Leading Italian scholar Alessandro Barbero's Charlemagne: Father of a Continent (University of California Press, 18.99 [pounds sterling]) is an important but engagingly written study of the man and the world he inhabited. Barbero's detailed research and sweeping knowledge of the institutions Charlemagne created brings to life his account of the man and what it meant to be king of the Franks while also describing everyday life and the changing political landscape of the time.
The Three Richards: Richard I, Richard II and Richard III by Nigel Saul (Hambledon & London, 19.95 [pounds sterling]) looks at three of England's best known kings and the surprising similarities in their life-stories. Each was brought up as a younger son not expected to accede to the throne; each died without leaving either sons or daughters; each was pious, and each died violently. This highly readable triple biography shows what it took to be a medieval king.
Lordship, Reform, and the Development of Civil Society in Medieval Italy: The Bishopric of Orvieto, 1100-1250 (University of Notre Dame Press, $50) by David Foote examines how three defining developments of the High Middle Ages--the feudal revolution, ecclesiastical reform, and state building--played out in a typical medieval Italian commune.
Mills in the Medieval Economy. England 1300-1540 by John Langdon (Oxford UP, 60 [pounds sterling) is a study of one of the most important technical technologies of the medieval era, and is enhanced by computerized analysis of the number and variety of mills in England in the later Middle Ages.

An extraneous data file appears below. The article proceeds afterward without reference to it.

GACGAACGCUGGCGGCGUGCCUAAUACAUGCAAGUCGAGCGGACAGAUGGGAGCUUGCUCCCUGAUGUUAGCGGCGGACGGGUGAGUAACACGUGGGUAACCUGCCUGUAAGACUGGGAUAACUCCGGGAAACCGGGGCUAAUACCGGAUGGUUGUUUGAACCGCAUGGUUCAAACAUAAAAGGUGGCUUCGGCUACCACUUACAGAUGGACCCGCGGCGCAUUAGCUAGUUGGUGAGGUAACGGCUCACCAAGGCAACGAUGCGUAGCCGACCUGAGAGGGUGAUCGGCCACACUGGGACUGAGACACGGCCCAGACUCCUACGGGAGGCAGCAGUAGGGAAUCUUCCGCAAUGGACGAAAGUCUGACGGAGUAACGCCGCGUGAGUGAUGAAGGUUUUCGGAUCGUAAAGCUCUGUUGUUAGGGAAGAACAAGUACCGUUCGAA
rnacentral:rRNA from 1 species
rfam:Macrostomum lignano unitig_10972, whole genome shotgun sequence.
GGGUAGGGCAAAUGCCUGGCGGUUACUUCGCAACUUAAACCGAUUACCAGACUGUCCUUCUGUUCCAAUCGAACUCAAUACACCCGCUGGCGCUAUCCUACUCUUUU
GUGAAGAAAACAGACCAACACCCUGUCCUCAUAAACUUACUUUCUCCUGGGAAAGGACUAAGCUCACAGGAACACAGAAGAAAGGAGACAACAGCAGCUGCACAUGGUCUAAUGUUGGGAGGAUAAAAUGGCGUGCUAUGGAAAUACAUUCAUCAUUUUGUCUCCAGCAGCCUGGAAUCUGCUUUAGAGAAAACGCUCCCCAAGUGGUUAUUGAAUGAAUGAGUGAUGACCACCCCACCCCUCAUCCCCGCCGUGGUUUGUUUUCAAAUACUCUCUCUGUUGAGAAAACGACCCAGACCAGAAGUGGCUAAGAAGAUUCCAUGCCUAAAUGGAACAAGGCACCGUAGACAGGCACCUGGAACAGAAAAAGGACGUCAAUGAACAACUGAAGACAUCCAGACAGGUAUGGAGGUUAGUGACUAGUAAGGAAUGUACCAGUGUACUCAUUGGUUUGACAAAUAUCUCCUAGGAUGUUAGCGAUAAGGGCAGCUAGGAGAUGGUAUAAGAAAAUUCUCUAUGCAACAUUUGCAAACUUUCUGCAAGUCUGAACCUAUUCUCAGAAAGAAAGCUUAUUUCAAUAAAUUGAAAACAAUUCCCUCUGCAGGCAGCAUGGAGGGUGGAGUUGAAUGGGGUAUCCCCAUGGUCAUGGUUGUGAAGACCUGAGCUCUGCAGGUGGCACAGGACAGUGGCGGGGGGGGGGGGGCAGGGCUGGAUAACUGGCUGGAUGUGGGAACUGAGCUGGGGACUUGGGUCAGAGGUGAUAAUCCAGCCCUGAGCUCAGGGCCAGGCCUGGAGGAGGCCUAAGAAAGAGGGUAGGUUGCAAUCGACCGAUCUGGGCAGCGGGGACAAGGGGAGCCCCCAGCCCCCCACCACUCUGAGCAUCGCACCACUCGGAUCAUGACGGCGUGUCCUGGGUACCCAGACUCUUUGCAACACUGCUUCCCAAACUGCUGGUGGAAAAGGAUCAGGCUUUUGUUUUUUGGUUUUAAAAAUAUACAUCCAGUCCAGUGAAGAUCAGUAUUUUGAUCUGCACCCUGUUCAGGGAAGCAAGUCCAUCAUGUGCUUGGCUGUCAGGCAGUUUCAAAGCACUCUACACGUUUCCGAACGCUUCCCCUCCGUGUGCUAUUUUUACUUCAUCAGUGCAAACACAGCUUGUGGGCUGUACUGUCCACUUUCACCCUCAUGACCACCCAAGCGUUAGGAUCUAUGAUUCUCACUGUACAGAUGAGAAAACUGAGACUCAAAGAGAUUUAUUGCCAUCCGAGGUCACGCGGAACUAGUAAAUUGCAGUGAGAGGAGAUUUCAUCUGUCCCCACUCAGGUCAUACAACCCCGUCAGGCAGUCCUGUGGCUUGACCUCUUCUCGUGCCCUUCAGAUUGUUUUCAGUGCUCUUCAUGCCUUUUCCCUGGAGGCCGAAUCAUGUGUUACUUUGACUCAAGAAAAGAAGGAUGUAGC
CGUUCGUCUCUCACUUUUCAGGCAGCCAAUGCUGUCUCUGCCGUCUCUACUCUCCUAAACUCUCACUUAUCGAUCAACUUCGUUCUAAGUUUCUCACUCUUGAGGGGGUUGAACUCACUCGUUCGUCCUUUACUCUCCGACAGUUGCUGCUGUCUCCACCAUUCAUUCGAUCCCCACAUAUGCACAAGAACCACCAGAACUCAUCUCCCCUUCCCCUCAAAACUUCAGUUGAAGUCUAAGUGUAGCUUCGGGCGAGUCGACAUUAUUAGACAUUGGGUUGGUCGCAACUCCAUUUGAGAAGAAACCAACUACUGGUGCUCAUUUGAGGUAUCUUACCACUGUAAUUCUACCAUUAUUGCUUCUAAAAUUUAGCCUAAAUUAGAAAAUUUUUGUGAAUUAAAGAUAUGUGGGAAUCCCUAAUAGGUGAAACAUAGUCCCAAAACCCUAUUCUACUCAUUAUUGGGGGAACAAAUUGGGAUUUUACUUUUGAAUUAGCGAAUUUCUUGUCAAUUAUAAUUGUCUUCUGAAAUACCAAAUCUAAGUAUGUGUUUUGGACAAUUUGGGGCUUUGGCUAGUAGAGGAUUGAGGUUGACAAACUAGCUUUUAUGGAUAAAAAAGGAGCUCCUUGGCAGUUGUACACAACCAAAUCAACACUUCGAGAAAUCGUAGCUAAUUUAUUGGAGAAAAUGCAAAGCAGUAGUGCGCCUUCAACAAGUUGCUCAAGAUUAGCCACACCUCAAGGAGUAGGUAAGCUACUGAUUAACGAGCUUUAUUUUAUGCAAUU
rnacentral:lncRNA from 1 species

God's Clockmaker: Richard of Wallingford and the Invention of Time by John North (Hambledon & London, 19.95 [pounds sterling]) details the life of Richard of Wallingford, arguably England's greatest medieval scientist--as well as a monk and a leper--and how he built an extraordinary astronomical and astrological clock at St Albans.
Imagining Robin Hood: The Late Medieval Stories in Historical Context by A.J. Pollard (Routledge, 15.99 [pounds sterling]) takes us back to the fifteenth-century 'rymes' which wove ripping yarns, tales of derring-do and comic japes around a cast of familiar stock characters: Robin, Little John, the sheriff of Nottingham, the King. What was the significance of a set of tales which made heroes of a band of vicious criminals preying on travellers (mainly monks) and poaching deer (the king's), led by an outlawed forester, and being endlessly hunted by an inept law-enforcer? Pollard shows how the original Robin Hood represented a deep-rooted English cynicism about people in power and a longstanding popular distrust of the commitment of any government to making the world a better place.
In Fighting for Christendom: Holy War and the Crusades (Oxford UP, 12.99 [pounds sterling]), Christopher Tyerman discusses the Crusades in terms of issues such as colonialism, cultural exchange, economic exploitation, and the relationships between past and present, and by reassessing the medieval evidence, strips away contemporary and current myths and assumptions about crusading. …